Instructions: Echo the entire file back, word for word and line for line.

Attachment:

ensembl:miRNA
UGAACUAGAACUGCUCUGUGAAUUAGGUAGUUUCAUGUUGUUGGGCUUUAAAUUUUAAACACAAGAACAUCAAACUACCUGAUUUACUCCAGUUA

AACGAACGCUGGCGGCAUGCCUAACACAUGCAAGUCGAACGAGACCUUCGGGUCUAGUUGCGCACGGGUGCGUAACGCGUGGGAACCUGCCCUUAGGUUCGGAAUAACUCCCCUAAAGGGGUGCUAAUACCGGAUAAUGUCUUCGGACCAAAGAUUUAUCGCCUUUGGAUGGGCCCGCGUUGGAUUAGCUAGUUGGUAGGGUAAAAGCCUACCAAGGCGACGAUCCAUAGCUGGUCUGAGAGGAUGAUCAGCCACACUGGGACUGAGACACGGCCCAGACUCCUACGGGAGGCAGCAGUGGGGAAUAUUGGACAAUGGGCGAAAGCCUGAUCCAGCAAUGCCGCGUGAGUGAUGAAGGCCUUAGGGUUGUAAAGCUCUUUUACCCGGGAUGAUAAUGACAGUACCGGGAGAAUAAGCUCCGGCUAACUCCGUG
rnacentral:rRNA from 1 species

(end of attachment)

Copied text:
ensembl:miRNA
UGAACUAGAACUGCUCUGUGAAUUAGGUAGUUUCAUGUUGUUGGGCUUUAAAUUUUAAACACAAGAACAUCAAACUACCUGAUUUACUCCAGUUA

AACGAACGCUGGCGGCAUGCCUAACACAUGCAAGUCGAACGAGACCUUCGGGUCUAGUUGCGCACGGGUGCGUAACGCGUGGGAACCUGCCCUUAGGUUCGGAAUAACUCCCCUAAAGGGGUGCUAAUACCGGAUAAUGUCUUCGGACCAAAGAUUUAUCGCCUUUGGAUGGGCCCGCGUUGGAUUAGCUAGUUGGUAGGGUAAAAGCCUACCAAGGCGACGAUCCAUAGCUGGUCUGAGAGGAUGAUCAGCCACACUGGGACUGAGACACGGCCCAGACUCCUACGGGAGGCAGCAGUGGGGAAUAUUGGACAAUGGGCGAAAGCCUGAUCCAGCAAUGCCGCGUGAGUGAUGAAGGCCUUAGGGUUGUAAAGCUCUUUUACCCGGGAUGAUAAUGACAGUACCGGGAGAAUAAGCUCCGGCUAACUCCGUG
rnacentral:rRNA from 1 species